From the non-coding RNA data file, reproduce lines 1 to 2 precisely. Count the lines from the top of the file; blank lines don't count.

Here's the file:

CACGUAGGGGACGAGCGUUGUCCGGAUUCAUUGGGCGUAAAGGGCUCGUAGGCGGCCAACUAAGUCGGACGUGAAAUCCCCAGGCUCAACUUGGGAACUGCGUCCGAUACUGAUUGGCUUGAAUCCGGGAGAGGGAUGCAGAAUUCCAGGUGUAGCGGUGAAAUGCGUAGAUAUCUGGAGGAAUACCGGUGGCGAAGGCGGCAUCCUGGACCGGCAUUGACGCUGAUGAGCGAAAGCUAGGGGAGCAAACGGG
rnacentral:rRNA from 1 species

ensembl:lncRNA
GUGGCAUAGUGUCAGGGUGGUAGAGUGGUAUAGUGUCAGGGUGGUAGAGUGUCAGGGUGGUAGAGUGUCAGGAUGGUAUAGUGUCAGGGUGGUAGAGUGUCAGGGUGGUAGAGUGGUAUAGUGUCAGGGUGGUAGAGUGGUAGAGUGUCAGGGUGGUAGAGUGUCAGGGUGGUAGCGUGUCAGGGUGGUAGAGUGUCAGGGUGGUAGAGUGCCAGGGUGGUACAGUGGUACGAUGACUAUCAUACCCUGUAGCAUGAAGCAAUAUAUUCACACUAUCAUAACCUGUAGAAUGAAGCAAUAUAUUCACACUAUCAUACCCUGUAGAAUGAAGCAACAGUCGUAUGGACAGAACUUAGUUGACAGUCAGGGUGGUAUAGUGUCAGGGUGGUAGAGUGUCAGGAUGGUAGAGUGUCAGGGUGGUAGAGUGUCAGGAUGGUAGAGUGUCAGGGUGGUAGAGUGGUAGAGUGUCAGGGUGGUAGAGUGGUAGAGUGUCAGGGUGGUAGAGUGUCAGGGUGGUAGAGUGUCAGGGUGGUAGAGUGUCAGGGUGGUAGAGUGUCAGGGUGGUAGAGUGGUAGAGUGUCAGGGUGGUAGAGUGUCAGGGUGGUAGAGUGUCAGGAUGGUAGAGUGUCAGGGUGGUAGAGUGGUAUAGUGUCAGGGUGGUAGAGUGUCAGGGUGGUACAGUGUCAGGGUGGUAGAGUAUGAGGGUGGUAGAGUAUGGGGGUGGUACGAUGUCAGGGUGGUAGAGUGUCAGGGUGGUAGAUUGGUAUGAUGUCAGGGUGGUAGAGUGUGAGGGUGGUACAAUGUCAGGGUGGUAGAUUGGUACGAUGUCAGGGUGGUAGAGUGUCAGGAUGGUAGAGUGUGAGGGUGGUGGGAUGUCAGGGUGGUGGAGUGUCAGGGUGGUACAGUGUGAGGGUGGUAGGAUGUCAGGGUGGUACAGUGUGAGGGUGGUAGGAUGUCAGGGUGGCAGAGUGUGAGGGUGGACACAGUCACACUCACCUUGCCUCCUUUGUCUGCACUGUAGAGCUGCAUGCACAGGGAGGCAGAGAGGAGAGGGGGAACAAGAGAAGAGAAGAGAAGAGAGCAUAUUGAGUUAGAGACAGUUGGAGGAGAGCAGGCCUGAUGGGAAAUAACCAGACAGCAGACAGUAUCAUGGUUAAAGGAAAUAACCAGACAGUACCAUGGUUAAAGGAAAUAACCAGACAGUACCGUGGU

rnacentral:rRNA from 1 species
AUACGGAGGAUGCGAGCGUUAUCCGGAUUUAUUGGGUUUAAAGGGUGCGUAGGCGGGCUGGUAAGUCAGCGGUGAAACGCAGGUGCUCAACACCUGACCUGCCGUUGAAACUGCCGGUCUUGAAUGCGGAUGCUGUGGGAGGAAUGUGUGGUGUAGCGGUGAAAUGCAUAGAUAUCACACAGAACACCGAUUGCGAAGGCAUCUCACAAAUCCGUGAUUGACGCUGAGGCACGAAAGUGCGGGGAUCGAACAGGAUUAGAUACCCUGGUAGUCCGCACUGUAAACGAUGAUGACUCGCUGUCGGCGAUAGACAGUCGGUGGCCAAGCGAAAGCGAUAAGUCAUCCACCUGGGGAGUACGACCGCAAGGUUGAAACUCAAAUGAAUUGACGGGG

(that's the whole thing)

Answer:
CACGUAGGGGACGAGCGUUGUCCGGAUUCAUUGGGCGUAAAGGGCUCGUAGGCGGCCAACUAAGUCGGACGUGAAAUCCCCAGGCUCAACUUGGGAACUGCGUCCGAUACUGAUUGGCUUGAAUCCGGGAGAGGGAUGCAGAAUUCCAGGUGUAGCGGUGAAAUGCGUAGAUAUCUGGAGGAAUACCGGUGGCGAAGGCGGCAUCCUGGACCGGCAUUGACGCUGAUGAGCGAAAGCUAGGGGAGCAAACGGG
rnacentral:rRNA from 1 species